Efforts to Enhance Efficient Operations
The value of electricity has remained strong primarily because co-ops work for you, and the Board makes decisions based on the best interest of our consumer-members. Of course, that means being efficient with resources without jeopardizing quality. A perfect example occurred in 1957, when 6 western Kansas distribution cooperatives, including Western, were having difficulty obtaining reasonable rates for power from large power companies. Their solution? They decided to generate and transmit their own electricity by forming Sunflower Electric Power Corporation.
Electric cooperatives have continued to pursue opportunities for cost saving and efficiency.
Western’s Board and staff continue to seek and implement efficiencies. For example, technology has enabled advanced metering and improved response to outages and customer service.
Cooperatives have also established alliances for some administrative and operational services with efficiency as a primary goal. One example of such a partnership is Kansas Electric Cooperatives (KEC), the statewide association for electric cooperatives. By pooling resources through KEC, Kansas co-ops receive essential support in areas that are most effectively and efficiently handled as a larger group. Among those benefits are legislative relations, tax and regulatory assistance, continuing education for employees and directors, safety training, youth outreach, communications, public relations, and mutual assistance when storms and other major outages occur. Nationwide cooperatives have created organizations that specialize in lending to rural electrics, group purchasing and maintenance of equipment, data processing, call centers and technology solutions that are all cost saving consolidations of resources.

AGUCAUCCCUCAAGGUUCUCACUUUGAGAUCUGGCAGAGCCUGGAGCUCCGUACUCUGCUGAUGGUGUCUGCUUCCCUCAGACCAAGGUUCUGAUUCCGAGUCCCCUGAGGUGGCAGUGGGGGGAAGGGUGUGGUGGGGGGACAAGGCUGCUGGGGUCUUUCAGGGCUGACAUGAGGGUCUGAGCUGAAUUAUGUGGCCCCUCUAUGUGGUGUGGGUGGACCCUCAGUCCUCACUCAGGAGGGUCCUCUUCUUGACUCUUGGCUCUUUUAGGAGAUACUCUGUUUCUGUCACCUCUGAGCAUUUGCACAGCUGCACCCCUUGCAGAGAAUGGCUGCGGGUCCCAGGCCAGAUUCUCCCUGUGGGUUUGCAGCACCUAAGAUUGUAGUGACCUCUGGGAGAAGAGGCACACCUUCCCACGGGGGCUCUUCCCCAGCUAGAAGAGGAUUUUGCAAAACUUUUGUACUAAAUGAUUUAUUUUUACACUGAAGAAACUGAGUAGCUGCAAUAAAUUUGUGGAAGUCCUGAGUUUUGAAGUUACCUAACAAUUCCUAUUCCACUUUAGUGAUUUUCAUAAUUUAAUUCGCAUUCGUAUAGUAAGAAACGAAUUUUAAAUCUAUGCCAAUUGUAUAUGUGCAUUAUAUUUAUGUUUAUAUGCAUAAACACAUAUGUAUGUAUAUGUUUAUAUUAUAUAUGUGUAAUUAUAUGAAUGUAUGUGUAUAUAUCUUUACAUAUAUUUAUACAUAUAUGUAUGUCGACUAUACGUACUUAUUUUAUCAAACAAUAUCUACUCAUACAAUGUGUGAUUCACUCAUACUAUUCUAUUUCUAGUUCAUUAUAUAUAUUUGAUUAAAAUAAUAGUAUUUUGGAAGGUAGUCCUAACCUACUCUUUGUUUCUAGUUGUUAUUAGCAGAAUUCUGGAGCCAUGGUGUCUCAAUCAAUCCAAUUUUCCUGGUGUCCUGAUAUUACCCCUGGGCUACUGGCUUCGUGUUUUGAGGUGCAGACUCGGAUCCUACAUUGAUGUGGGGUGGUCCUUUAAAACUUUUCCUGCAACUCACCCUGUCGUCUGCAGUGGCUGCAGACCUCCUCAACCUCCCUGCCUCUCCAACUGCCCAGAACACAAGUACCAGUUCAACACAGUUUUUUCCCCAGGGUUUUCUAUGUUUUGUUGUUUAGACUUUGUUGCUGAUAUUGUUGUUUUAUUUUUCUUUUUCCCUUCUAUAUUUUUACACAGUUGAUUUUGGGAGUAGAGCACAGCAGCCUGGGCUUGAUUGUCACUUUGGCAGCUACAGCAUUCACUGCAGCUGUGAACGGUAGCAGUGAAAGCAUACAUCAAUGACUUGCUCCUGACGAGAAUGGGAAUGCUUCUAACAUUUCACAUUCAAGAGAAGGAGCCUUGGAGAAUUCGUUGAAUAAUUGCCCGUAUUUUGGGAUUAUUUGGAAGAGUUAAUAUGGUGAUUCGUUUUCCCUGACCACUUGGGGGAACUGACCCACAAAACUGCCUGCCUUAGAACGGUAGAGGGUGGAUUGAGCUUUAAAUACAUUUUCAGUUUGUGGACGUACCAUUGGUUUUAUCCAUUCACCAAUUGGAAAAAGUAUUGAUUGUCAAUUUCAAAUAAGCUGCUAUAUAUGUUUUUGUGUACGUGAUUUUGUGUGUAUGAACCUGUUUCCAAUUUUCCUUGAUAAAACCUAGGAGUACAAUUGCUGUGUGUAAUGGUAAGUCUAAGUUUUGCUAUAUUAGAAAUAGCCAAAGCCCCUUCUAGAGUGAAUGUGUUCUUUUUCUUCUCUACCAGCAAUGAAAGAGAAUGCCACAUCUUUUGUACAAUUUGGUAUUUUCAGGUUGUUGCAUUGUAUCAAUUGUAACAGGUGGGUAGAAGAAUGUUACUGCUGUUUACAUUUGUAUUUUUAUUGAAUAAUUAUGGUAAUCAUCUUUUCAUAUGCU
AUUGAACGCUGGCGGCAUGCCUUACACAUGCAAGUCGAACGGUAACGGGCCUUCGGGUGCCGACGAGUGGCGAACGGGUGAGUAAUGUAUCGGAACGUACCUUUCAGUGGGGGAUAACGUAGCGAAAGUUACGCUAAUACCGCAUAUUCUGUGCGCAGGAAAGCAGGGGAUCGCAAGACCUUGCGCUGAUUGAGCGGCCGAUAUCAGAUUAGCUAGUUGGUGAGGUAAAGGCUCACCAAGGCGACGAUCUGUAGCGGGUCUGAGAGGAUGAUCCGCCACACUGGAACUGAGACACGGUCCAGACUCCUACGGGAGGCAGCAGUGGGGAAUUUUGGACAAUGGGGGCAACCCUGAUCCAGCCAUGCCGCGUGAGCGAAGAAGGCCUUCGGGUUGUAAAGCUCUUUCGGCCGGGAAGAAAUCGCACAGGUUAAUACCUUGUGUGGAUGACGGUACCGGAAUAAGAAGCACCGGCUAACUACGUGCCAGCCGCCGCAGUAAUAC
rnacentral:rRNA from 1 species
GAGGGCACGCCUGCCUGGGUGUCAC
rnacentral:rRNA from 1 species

Electric cooperatives are leaders in generation fuel utilization, including the integration of renewable energy into their fuel mix. Cooperatives also work with consumer-members desiring renewable or distributed generation (DG) capability from personal wind and solar assets. While sun and wind have no cost, renewable electric service is not cost-free.
- Co-ops are required to serve all members in their territory during times of peak demand.
- When members use Western only as a “back up,” it still creates costs for the co-op and fellow consumer-members.